Quite likely you haven’t heard of brothers, Pat and Lolly Vasquez-Vegas. I wouldn’t have either if I hadn’t ended up listening to Witch Queen of New Orleans , a song that references New Orleans’ storied voodoo culture. And that’s how I learnt about Pat (bass and vocals) and Lolly’s (guitar and vocals) band, Redbone. The two brothers are native Americans tracing their ancestry to Yaqui and Shoshone tribes, which makes their band the first native American rock band when Redbone was formed in 1970. I heard Witch Queen... quite randomly on a podcast and on an impulse decided to check out Redbone.
For starters, I played a 1971 album by the band with the same name, Witch Queen of New Orleans. The original cover of the album depicts a 19th century scene showing native Americans on horseback with a large cluster of teepees in the background in what is clearly a settlement of America’s original inhabitants who were dispossessed of their land and livelihood systematically by European colonisers and later the American government, often with violence. The Witch Queen album doesn’t have it but Redbone have a song titled We Were All Wounded at Wounded Knee. Those having some familiarity with Native American history will know about the 1890 massacre at Wounded Knee Creek in a reservation in South Dakota, when a US cavalry regiment shot and killed 150 men, women and children and injured many more. The incident was a controversy that raged for years, and only a century later in the 1990s did the US government formally apologise to the indigenous people for it. In We Were All Wounded..., a song that was not aired for years because of its lyrics, Redbone remember the victims and the horrors of that massacre.
The Vasquez-Vegas brothers and their band have another interesting connection. Jimi Hendrix. The legendary guitarist who traced in his ancestry some Cherokee blood, apparently encouraged and inspired the formation of Redbone and, according to some reports, had great regard for their music.
Redbone played a brand of rock that had many influences: rhythm and blues featured prominently; and although they were a California band, a strong New Orleans touch of jazz and blues. On the album I heard, some songs have tribal roots such as Chant: 13th Hour. But that’s an exception. Most of Redbone’s music is very accessible and unalloyed rock – well, actually I’d say rock that is alloyed with funk, soul and other influences. But the native American spirit always guided the band. Frontman Pat Vegas has said Redbone was not just a band but a movement to give a voice to America’s indigenous people.
The second recent discovery came from my truffle-sniffing friend, Hemant (a man who’s been referenced more than a couple of times in this column). First, a bit about him. An inveterate audiophile, Hemant does things that could make you wonder how thin the line between sanity and insanity that he treads is. He has more than a dozen amplifiers – from vintage tube amps to wooden 40-year-olds to stuff that has been customised and so on. He has more speakers than he has amps, of course, and makes it a point to permute, combine and play all of this as part of his normal regimen. Occasionally, Hemant sends me a new band or musician that he’s sniffed out and what he sends is invariably a great discovery.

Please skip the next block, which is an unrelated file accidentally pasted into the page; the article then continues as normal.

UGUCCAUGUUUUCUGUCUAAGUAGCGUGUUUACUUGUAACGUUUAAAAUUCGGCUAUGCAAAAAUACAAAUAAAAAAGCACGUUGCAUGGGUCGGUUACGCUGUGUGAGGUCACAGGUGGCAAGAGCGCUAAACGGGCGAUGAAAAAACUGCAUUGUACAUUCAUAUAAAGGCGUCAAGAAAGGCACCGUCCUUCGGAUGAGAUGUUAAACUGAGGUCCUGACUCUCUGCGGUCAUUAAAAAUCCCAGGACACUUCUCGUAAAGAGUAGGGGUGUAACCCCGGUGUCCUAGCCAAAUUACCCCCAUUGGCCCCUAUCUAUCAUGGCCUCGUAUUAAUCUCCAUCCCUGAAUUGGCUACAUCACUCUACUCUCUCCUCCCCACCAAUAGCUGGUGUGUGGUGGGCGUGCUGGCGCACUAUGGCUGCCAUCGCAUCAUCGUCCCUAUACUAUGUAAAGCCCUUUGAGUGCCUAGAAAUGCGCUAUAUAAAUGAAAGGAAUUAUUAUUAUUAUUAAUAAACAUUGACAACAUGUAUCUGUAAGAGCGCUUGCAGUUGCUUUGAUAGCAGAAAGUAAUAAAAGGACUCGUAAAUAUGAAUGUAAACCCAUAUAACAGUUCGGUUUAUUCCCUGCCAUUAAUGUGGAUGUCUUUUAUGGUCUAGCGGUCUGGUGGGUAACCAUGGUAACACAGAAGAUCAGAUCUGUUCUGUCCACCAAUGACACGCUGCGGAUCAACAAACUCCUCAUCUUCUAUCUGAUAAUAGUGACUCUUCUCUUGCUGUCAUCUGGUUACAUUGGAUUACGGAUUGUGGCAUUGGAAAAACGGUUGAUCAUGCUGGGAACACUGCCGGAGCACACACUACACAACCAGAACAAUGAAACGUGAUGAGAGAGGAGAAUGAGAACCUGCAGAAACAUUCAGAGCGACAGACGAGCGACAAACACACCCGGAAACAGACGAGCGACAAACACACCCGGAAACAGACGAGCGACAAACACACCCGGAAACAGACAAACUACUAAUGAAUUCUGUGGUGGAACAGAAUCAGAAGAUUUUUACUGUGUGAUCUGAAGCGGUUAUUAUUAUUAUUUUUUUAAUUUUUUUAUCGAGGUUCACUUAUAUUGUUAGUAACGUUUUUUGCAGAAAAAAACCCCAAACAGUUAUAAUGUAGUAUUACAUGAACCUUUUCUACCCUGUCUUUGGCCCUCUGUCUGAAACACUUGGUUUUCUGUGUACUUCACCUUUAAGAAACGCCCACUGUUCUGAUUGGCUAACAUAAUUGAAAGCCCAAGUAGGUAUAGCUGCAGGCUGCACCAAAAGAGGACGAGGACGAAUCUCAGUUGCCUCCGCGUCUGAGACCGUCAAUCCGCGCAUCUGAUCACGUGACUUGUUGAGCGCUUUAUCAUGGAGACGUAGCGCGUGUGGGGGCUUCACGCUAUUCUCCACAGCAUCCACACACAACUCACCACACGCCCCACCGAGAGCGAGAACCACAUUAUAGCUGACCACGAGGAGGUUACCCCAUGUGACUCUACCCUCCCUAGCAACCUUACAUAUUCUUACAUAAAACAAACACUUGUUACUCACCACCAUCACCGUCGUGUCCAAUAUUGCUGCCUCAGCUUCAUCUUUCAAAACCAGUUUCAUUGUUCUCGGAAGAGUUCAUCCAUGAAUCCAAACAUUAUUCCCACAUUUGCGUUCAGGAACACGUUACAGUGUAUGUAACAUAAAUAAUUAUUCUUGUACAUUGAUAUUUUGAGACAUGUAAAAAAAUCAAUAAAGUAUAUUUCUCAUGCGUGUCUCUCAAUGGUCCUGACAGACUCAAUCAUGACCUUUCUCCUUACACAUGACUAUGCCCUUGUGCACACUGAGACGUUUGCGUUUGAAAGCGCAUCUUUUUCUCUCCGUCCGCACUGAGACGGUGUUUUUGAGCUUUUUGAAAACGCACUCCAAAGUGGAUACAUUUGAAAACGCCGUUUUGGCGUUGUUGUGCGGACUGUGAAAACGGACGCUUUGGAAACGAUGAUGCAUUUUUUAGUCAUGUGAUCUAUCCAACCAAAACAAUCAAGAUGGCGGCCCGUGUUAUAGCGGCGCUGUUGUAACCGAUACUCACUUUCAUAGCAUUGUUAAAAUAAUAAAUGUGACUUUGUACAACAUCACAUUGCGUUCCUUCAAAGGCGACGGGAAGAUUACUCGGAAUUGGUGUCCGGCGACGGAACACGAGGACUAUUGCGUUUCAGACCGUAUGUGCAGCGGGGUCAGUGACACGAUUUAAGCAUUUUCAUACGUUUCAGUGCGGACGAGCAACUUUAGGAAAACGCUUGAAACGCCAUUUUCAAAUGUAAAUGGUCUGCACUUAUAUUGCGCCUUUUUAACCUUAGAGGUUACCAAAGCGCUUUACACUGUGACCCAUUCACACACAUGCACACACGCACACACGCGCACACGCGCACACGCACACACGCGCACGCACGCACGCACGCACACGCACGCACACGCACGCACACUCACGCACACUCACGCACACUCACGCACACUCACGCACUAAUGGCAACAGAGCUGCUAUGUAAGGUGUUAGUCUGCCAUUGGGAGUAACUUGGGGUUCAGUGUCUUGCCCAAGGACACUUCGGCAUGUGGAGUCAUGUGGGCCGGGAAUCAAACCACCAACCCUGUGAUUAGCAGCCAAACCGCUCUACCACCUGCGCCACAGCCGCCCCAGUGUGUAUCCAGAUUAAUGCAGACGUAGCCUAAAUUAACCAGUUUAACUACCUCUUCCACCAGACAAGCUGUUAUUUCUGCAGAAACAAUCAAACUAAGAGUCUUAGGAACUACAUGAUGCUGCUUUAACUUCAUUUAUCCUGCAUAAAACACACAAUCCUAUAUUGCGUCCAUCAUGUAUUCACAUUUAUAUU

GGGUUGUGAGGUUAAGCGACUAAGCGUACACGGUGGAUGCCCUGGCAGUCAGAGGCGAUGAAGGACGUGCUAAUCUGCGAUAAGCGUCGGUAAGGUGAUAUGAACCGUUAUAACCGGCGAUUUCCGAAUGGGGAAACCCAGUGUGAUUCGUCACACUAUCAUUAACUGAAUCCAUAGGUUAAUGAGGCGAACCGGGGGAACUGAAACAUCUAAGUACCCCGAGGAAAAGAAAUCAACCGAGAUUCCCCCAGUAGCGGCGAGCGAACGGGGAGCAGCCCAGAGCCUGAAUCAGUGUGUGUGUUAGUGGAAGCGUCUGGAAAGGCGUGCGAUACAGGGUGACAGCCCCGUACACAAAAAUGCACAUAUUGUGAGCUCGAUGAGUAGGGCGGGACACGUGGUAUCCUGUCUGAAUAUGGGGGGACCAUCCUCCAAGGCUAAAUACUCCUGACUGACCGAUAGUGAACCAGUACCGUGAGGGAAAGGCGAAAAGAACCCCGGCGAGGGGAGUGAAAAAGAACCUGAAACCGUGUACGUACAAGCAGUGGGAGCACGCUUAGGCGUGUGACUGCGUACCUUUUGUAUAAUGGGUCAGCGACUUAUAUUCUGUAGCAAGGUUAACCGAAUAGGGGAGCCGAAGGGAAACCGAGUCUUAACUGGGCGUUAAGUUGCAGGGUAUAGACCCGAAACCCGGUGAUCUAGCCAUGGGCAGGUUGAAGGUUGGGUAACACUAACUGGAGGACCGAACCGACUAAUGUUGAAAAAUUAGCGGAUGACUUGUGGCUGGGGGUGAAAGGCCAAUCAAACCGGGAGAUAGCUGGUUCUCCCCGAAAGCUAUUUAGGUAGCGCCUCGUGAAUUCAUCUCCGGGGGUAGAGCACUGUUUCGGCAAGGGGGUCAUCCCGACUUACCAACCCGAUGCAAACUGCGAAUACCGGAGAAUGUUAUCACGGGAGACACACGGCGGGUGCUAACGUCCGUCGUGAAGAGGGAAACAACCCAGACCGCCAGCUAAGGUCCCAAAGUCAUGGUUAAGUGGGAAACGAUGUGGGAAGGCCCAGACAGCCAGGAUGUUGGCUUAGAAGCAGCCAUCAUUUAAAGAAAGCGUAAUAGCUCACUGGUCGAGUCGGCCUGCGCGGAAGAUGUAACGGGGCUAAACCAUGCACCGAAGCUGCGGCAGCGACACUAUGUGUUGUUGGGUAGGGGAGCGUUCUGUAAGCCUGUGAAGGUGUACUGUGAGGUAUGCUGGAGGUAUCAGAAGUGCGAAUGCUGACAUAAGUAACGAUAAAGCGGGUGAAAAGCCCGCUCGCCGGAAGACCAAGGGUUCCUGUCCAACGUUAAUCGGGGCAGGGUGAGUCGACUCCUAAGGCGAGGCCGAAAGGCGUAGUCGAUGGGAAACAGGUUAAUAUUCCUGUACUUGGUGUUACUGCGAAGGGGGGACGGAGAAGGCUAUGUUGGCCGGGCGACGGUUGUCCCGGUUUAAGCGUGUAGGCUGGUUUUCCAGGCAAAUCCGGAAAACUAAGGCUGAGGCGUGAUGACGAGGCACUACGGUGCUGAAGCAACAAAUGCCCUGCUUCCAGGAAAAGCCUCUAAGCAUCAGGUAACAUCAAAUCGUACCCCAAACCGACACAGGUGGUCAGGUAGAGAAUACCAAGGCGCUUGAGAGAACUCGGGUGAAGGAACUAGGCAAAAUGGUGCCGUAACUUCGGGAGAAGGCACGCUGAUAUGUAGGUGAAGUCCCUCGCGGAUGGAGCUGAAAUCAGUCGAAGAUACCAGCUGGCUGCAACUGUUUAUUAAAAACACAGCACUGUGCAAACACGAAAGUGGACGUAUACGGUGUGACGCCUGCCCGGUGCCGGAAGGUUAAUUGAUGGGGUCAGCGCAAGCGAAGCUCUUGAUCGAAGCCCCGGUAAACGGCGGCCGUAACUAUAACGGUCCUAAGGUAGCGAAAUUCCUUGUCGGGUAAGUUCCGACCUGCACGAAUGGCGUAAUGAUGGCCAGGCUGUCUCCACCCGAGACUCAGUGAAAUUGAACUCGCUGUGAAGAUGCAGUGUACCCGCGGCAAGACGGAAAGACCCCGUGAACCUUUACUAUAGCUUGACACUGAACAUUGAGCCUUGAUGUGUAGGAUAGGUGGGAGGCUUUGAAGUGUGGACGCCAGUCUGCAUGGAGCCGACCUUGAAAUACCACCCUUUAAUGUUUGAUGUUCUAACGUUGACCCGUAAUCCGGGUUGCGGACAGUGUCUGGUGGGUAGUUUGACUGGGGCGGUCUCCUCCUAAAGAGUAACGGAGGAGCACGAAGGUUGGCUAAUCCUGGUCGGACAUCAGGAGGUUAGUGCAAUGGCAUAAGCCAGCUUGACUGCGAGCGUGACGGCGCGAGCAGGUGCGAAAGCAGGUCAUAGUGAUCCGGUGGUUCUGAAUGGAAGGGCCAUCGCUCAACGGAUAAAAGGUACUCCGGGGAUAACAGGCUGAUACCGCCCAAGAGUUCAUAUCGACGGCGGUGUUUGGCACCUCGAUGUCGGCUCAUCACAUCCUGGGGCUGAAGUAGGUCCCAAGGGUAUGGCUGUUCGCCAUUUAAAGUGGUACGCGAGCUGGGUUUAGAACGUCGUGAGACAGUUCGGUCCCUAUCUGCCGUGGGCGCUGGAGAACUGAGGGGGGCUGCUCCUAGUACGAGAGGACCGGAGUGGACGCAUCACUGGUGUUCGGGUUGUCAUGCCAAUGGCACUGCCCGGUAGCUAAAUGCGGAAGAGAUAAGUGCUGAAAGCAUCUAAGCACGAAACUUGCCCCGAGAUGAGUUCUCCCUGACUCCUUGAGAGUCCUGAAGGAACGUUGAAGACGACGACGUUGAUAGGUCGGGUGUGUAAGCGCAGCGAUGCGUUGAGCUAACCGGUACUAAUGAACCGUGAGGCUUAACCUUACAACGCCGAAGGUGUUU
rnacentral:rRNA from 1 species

Last fortnight, it was an album by a band I’d never heard of, Blo. They were a Nigerian band, active for 10 years: 1972-82. If Redbone were the first native American band of their kind, Blo were quite likely the first band to come out of Africa that played 1970s rock with strong psychedelic influences. I read that lead guitarist Berkely Jones, drummer Laolu Akintobi and bass guitarist Gbenga Odumosu were influenced by bands such as The Grateful Dead but also that before forming Blo the trio was part of drummer Ginger Baker’s shortlived rock-jazz fusion project, Salt. Of course, we all know Baker – the famed drummer of Cream and Blind Faith and other projects.
Blo’s Phases 1972-82 (the album Hemant e-gifted) was an eye-opener. I had no idea that this was a band doing what it was doing during that decade, that is, playing brilliantly trippy rock. Funky beats, fantastic guitar solos and a sound that ought to have made them soar to the top. On Preacher Man , funk meets 1970s-style Bay Area psychedelia; on Miss Sagit, a vocal-less adventure, the guitar ascends heights that should have easily netted fame for the band. Sadly, that didn’t happen. Not finding success outside of Nigeria despite a lot of touring, Blo experimented with other genres, disco even, before they disbanded. Pity. But the albums are there to explore.
For some strange (and I bet prudish) reason, iTunes’s store in India doesn’t let you buy Frank Ocean’s Blonde . So one had to pursue other methods to get hold of his much-awaited album. Blonde had been awaited feverishly by the R&B sensation’s fans.
His previous album Channel Orange was unconventional and eccentric but a huge hit and before Blonde came out, social media and the Internet were abuzz with rumours, teasers and red herrings. Now that it’s out, was it worth the wait? Well, Blonde is as unconventional as Channel Orange was but in a different way. Drum less stretches on its 17 tracks can sound more intimate, emotional and intricate. And, like the previous album, it’s a grower.
From HT Brunch, September 11, 2016
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